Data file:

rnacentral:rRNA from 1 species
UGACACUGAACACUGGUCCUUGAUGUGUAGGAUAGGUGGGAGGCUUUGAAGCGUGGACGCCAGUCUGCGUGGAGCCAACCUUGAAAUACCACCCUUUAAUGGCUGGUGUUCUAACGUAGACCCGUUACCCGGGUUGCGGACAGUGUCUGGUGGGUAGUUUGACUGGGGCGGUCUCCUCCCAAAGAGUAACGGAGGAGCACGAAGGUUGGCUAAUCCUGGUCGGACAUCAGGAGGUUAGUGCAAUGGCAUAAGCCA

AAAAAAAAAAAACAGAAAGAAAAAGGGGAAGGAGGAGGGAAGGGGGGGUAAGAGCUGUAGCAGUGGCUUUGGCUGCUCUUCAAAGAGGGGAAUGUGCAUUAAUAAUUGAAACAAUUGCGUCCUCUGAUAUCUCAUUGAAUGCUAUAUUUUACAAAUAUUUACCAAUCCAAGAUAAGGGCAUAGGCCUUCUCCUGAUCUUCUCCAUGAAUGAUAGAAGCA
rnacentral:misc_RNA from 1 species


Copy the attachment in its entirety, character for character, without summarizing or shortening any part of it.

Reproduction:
rnacentral:rRNA from 1 species
UGACACUGAACACUGGUCCUUGAUGUGUAGGAUAGGUGGGAGGCUUUGAAGCGUGGACGCCAGUCUGCGUGGAGCCAACCUUGAAAUACCACCCUUUAAUGGCUGGUGUUCUAACGUAGACCCGUUACCCGGGUUGCGGACAGUGUCUGGUGGGUAGUUUGACUGGGGCGGUCUCCUCCCAAAGAGUAACGGAGGAGCACGAAGGUUGGCUAAUCCUGGUCGGACAUCAGGAGGUUAGUGCAAUGGCAUAAGCCA

AAAAAAAAAAAACAGAAAGAAAAAGGGGAAGGAGGAGGGAAGGGGGGGUAAGAGCUGUAGCAGUGGCUUUGGCUGCUCUUCAAAGAGGGGAAUGUGCAUUAAUAAUUGAAACAAUUGCGUCCUCUGAUAUCUCAUUGAAUGCUAUAUUUUACAAAUAUUUACCAAUCCAAGAUAAGGGCAUAGGCCUUCUCCUGAUCUUCUCCAUGAAUGAUAGAAGCA
rnacentral:misc_RNA from 1 species